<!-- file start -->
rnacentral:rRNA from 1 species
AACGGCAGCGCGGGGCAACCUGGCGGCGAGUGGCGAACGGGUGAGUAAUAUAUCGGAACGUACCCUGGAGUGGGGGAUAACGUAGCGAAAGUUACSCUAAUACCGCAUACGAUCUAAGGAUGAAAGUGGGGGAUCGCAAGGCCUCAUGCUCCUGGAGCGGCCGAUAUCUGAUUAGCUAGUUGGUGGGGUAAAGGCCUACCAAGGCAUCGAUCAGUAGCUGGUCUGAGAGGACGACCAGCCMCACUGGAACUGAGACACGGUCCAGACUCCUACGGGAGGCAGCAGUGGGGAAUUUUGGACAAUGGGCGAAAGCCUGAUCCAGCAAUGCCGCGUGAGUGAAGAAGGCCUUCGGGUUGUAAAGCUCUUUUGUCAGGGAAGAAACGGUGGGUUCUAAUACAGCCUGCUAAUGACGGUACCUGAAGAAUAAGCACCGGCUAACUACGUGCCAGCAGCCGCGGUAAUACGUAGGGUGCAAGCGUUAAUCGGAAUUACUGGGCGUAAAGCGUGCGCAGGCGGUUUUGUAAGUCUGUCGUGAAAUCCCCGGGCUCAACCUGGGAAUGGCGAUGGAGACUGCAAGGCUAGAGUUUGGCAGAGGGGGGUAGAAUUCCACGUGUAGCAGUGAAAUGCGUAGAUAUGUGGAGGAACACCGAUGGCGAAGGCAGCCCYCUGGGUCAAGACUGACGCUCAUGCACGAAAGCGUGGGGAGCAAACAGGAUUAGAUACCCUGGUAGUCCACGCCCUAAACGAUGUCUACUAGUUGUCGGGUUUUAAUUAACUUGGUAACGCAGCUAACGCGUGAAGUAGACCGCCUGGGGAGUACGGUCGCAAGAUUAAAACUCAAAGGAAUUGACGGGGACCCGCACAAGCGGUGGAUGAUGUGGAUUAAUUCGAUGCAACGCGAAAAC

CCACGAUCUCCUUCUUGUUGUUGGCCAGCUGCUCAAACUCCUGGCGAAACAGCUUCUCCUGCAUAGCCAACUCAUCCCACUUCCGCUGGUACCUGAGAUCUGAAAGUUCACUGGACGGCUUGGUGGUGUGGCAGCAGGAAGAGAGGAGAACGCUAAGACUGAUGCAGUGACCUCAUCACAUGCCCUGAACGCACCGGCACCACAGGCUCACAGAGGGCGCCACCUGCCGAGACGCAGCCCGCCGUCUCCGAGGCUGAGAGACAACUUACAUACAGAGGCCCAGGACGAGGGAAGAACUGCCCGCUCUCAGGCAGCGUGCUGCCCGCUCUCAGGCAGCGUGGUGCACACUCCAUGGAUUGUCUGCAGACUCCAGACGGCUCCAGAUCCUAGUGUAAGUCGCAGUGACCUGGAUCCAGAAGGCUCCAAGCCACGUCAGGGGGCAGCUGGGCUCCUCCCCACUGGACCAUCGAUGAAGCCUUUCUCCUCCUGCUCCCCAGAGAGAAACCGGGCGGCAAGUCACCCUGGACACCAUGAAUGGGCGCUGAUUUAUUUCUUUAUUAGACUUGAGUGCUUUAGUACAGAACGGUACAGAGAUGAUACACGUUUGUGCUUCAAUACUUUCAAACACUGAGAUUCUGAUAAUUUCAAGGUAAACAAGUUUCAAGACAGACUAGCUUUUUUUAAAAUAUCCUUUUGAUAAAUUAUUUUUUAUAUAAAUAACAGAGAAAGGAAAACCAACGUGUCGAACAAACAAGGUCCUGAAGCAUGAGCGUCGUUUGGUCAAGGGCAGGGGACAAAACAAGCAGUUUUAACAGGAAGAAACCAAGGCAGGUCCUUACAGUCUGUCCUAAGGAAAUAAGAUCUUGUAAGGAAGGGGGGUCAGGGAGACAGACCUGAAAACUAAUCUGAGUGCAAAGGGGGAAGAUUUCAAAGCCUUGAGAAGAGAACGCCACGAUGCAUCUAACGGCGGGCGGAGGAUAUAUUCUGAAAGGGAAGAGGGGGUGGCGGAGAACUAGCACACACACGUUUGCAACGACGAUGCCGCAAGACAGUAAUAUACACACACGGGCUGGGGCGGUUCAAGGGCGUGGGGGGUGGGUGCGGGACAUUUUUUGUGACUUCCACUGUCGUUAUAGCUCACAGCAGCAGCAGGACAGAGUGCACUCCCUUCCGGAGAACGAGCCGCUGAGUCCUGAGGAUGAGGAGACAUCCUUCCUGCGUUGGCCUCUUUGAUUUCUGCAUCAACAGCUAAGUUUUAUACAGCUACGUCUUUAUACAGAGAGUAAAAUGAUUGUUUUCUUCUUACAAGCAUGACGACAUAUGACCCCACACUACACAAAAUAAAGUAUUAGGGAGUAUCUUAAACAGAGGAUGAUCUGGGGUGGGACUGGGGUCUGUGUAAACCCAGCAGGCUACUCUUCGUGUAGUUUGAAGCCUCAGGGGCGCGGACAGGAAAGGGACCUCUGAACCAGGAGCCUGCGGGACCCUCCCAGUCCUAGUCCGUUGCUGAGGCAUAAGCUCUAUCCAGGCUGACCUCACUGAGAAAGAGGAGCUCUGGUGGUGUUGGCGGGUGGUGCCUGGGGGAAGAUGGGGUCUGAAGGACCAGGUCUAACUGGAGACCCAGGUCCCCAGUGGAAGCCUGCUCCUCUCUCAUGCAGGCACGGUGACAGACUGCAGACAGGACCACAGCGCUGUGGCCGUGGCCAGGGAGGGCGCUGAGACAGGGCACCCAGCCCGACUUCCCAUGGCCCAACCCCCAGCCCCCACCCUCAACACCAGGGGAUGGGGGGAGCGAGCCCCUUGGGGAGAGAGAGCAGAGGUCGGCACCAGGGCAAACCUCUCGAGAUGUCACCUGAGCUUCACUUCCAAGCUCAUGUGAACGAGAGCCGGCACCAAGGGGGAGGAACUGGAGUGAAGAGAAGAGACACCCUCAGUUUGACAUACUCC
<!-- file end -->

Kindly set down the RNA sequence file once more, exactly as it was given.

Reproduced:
rnacentral:rRNA from 1 species
AACGGCAGCGCGGGGCAACCUGGCGGCGAGUGGCGAACGGGUGAGUAAUAUAUCGGAACGUACCCUGGAGUGGGGGAUAACGUAGCGAAAGUUACSCUAAUACCGCAUACGAUCUAAGGAUGAAAGUGGGGGAUCGCAAGGCCUCAUGCUCCUGGAGCGGCCGAUAUCUGAUUAGCUAGUUGGUGGGGUAAAGGCCUACCAAGGCAUCGAUCAGUAGCUGGUCUGAGAGGACGACCAGCCMCACUGGAACUGAGACACGGUCCAGACUCCUACGGGAGGCAGCAGUGGGGAAUUUUGGACAAUGGGCGAAAGCCUGAUCCAGCAAUGCCGCGUGAGUGAAGAAGGCCUUCGGGUUGUAAAGCUCUUUUGUCAGGGAAGAAACGGUGGGUUCUAAUACAGCCUGCUAAUGACGGUACCUGAAGAAUAAGCACCGGCUAACUACGUGCCAGCAGCCGCGGUAAUACGUAGGGUGCAAGCGUUAAUCGGAAUUACUGGGCGUAAAGCGUGCGCAGGCGGUUUUGUAAGUCUGUCGUGAAAUCCCCGGGCUCAACCUGGGAAUGGCGAUGGAGACUGCAAGGCUAGAGUUUGGCAGAGGGGGGUAGAAUUCCACGUGUAGCAGUGAAAUGCGUAGAUAUGUGGAGGAACACCGAUGGCGAAGGCAGCCCYCUGGGUCAAGACUGACGCUCAUGCACGAAAGCGUGGGGAGCAAACAGGAUUAGAUACCCUGGUAGUCCACGCCCUAAACGAUGUCUACUAGUUGUCGGGUUUUAAUUAACUUGGUAACGCAGCUAACGCGUGAAGUAGACCGCCUGGGGAGUACGGUCGCAAGAUUAAAACUCAAAGGAAUUGACGGGGACCCGCACAAGCGGUGGAUGAUGUGGAUUAAUUCGAUGCAACGCGAAAAC

CCACGAUCUCCUUCUUGUUGUUGGCCAGCUGCUCAAACUCCUGGCGAAACAGCUUCUCCUGCAUAGCCAACUCAUCCCACUUCCGCUGGUACCUGAGAUCUGAAAGUUCACUGGACGGCUUGGUGGUGUGGCAGCAGGAAGAGAGGAGAACGCUAAGACUGAUGCAGUGACCUCAUCACAUGCCCUGAACGCACCGGCACCACAGGCUCACAGAGGGCGCCACCUGCCGAGACGCAGCCCGCCGUCUCCGAGGCUGAGAGACAACUUACAUACAGAGGCCCAGGACGAGGGAAGAACUGCCCGCUCUCAGGCAGCGUGCUGCCCGCUCUCAGGCAGCGUGGUGCACACUCCAUGGAUUGUCUGCAGACUCCAGACGGCUCCAGAUCCUAGUGUAAGUCGCAGUGACCUGGAUCCAGAAGGCUCCAAGCCACGUCAGGGGGCAGCUGGGCUCCUCCCCACUGGACCAUCGAUGAAGCCUUUCUCCUCCUGCUCCCCAGAGAGAAACCGGGCGGCAAGUCACCCUGGACACCAUGAAUGGGCGCUGAUUUAUUUCUUUAUUAGACUUGAGUGCUUUAGUACAGAACGGUACAGAGAUGAUACACGUUUGUGCUUCAAUACUUUCAAACACUGAGAUUCUGAUAAUUUCAAGGUAAACAAGUUUCAAGACAGACUAGCUUUUUUUAAAAUAUCCUUUUGAUAAAUUAUUUUUUAUAUAAAUAACAGAGAAAGGAAAACCAACGUGUCGAACAAACAAGGUCCUGAAGCAUGAGCGUCGUUUGGUCAAGGGCAGGGGACAAAACAAGCAGUUUUAACAGGAAGAAACCAAGGCAGGUCCUUACAGUCUGUCCUAAGGAAAUAAGAUCUUGUAAGGAAGGGGGGUCAGGGAGACAGACCUGAAAACUAAUCUGAGUGCAAAGGGGGAAGAUUUCAAAGCCUUGAGAAGAGAACGCCACGAUGCAUCUAACGGCGGGCGGAGGAUAUAUUCUGAAAGGGAAGAGGGGGUGGCGGAGAACUAGCACACACACGUUUGCAACGACGAUGCCGCAAGACAGUAAUAUACACACACGGGCUGGGGCGGUUCAAGGGCGUGGGGGGUGGGUGCGGGACAUUUUUUGUGACUUCCACUGUCGUUAUAGCUCACAGCAGCAGCAGGACAGAGUGCACUCCCUUCCGGAGAACGAGCCGCUGAGUCCUGAGGAUGAGGAGACAUCCUUCCUGCGUUGGCCUCUUUGAUUUCUGCAUCAACAGCUAAGUUUUAUACAGCUACGUCUUUAUACAGAGAGUAAAAUGAUUGUUUUCUUCUUACAAGCAUGACGACAUAUGACCCCACACUACACAAAAUAAAGUAUUAGGGAGUAUCUUAAACAGAGGAUGAUCUGGGGUGGGACUGGGGUCUGUGUAAACCCAGCAGGCUACUCUUCGUGUAGUUUGAAGCCUCAGGGGCGCGGACAGGAAAGGGACCUCUGAACCAGGAGCCUGCGGGACCCUCCCAGUCCUAGUCCGUUGCUGAGGCAUAAGCUCUAUCCAGGCUGACCUCACUGAGAAAGAGGAGCUCUGGUGGUGUUGGCGGGUGGUGCCUGGGGGAAGAUGGGGUCUGAAGGACCAGGUCUAACUGGAGACCCAGGUCCCCAGUGGAAGCCUGCUCCUCUCUCAUGCAGGCACGGUGACAGACUGCAGACAGGACCACAGCGCUGUGGCCGUGGCCAGGGAGGGCGCUGAGACAGGGCACCCAGCCCGACUUCCCAUGGCCCAACCCCCAGCCCCCACCCUCAACACCAGGGGAUGGGGGGAGCGAGCCCCUUGGGGAGAGAGAGCAGAGGUCGGCACCAGGGCAAACCUCUCGAGAUGUCACCUGAGCUUCACUUCCAAGCUCAUGUGAACGAGAGCCGGCACCAAGGGGGAGGAACUGGAGUGAAGAGAAGAGACACCCUCAGUUUGACAUACUCC